State lawmakers, too, are frustrated about the transparency problems plaguing the administration.
State. Sen. Dale Kooyenga has been waiting for more than six months for cost estimates on the damage done during last summer’s riots in Madison.
“We’re still waiting on details that are critical to assisting us in our understanding of the state’s finances, pending possible legislation,” the Brookfield Republican said.
His staff has sought explanations for the delays on numerous occasions. Recently legislative aides went to the governor’s office to request an update in person. They found the office closed and dark, without reception staff or Capitol Police at the front desk.
Kooyenga said his legislative colleagues are experiencing similar problems. Records requests play a more pivotal role when dealing with an administration known for keeping important information from the Republican-controlled Legislature.
“It’s in multiple different directions,” he said. “When we try to get to the bottom of the unemployment problems we have to file an open records request. When we want to know how (the administration) is prioritizing who is getting COVID-19 vaccines, we need open records,”
Kooyenga said legislative offices still are waiting on records requests regarding whether Evers or his advisers have made more secret recordings of their conversations with Republican leadership, as they got caught doing in May. Empower Wisconsin is waiting, too. The administration has yet to fill a request, filed on Aug. 21, seeking. “Records of all communications that include recordings or audio files of any kind created after May 1, 2020 to present,” among other recordings.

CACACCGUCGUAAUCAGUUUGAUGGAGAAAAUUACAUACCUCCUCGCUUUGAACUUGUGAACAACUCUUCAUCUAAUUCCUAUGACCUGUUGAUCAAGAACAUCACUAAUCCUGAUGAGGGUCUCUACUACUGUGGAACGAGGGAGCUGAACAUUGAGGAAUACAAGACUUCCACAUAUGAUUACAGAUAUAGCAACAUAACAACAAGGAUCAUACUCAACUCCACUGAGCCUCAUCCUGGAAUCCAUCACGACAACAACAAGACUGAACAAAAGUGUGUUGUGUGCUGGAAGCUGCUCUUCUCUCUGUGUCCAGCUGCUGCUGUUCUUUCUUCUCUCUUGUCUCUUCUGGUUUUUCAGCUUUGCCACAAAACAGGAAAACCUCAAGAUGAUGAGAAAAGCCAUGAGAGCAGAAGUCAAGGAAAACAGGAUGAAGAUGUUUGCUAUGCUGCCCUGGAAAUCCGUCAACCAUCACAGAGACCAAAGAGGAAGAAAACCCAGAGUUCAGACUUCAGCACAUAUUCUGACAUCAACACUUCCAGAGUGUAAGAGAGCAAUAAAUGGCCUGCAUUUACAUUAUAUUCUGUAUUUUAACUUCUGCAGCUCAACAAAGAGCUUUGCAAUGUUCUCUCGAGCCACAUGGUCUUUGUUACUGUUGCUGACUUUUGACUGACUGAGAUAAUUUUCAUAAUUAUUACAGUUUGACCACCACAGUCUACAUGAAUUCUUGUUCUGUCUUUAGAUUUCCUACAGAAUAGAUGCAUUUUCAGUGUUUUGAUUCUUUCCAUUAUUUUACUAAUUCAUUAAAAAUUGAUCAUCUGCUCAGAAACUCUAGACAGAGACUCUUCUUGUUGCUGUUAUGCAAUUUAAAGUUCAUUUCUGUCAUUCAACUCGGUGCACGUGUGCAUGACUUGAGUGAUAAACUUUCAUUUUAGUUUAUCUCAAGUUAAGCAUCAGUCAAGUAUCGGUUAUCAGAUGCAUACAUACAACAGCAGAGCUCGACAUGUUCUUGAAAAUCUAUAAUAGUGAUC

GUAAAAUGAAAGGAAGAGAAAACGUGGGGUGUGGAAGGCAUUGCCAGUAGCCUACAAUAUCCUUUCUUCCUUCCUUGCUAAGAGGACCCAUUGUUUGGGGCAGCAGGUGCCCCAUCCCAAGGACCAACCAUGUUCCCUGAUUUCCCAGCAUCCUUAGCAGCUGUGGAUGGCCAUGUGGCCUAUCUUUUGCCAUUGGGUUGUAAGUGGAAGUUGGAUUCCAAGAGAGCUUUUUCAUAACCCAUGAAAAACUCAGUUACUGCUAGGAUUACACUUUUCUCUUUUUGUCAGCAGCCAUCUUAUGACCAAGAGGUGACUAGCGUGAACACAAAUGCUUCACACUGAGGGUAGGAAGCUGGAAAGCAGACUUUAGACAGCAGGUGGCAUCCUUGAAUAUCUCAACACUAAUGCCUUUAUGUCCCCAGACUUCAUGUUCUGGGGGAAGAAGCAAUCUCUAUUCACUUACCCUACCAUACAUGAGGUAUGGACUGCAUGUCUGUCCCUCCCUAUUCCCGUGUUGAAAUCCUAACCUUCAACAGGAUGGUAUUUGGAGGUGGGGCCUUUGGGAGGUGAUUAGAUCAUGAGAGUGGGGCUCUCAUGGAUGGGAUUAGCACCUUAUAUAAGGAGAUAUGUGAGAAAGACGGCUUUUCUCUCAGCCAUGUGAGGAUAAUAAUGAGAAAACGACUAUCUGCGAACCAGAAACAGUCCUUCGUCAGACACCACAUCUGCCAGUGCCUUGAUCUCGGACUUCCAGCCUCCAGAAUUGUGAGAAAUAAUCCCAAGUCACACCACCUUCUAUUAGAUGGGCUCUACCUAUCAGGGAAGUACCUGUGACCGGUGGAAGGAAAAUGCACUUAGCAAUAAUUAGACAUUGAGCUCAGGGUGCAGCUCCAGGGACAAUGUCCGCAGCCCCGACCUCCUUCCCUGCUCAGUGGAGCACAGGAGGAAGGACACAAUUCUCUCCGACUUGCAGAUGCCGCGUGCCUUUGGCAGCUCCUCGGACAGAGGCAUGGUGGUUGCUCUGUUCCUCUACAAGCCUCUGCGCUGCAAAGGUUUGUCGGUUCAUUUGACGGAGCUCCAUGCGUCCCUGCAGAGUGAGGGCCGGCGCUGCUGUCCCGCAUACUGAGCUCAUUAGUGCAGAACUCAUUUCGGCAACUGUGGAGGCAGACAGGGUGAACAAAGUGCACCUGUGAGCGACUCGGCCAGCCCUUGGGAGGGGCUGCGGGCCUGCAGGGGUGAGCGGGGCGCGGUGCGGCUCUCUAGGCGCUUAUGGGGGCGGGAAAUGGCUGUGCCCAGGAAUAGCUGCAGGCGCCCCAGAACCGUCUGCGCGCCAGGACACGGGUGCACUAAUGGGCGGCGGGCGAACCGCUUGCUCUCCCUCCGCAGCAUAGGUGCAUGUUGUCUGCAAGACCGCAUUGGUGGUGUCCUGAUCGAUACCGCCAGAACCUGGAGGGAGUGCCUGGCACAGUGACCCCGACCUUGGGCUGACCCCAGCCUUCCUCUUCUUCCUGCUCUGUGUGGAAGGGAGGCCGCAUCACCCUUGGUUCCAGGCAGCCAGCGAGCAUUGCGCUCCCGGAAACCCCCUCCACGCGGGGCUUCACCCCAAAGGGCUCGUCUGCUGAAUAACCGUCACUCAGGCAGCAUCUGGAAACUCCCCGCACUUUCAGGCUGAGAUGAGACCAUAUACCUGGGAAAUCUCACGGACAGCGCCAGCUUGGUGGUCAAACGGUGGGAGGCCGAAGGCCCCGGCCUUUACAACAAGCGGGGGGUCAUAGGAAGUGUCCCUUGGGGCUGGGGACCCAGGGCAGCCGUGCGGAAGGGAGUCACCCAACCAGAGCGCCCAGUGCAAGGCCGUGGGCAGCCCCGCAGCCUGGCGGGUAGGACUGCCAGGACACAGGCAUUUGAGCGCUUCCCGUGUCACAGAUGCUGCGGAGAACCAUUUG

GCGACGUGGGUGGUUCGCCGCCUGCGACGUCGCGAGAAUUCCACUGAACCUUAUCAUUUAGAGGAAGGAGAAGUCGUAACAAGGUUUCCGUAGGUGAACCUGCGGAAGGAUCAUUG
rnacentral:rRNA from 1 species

Sometimes the only path to relief is through the courts.
In May 2020, the governor settled an open records lawsuit with then-state Rep. John Nygren. The Evers administration agreed to release more than 10,000 pages of documents to the Marinette Republican and pay $40,000 in attorney fees. Of course, taxpayers paid the bill.
Nygren had first filed his open records request in August 2019 — about eight months before Evers finally relented.
Evers’ attorney rejected the request, insisting it was overly broad. The governor’s office has made similar claims — and lost — to mainstream news outlets.
It took more than a year for Fox6 News to prevail in its request for emails between the governor and his chief of staff. In September 2019, a Fox6 reporter requested about four weeks of emails. Evers’ legal counsel claimed the request was overly broad. The reporter narrowed the request to one week of emails. It was denied again. Finally, the request sought just one day of emails between the governor and his top adviser.
After public pressure, the governor’s office relented and released the minimum. It refused to release the rest of the records originally requested, saying it was not legally required to do so.
In November, Dane County Circuit Court Judge Stephen Ehlke ruled the governor’s office’s interpretation of the state’s open records law was “incorrect.” Evers, again, was ordered to turn over all the documents sought and pay attorney fees.
Bill Lueders, president of the Wisconsin Freedom of Information Council, said the challenges posed by COVID-19 have in some cases made it harder for state and local public officials to fullfill records requests in a timely fashion.
“But the pandemic has also made the need for public transparency more urgent,” said Lueders, who also serves as editor of the Progressive. “We remind those in government that providing access to public records is one of their most fundamental and important duties, and urge them to strategically devote resources to tracking and improving their response to these requests.”